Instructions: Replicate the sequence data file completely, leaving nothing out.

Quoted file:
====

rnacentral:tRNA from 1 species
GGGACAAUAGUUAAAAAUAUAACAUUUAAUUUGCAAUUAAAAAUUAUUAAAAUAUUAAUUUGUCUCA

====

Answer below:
rnacentral:tRNA from 1 species
GGGACAAUAGUUAAAAAUAUAACAUUUAAUUUGCAAUUAAAAAUUAUUAAAAUAUUAAUUUGUCUCA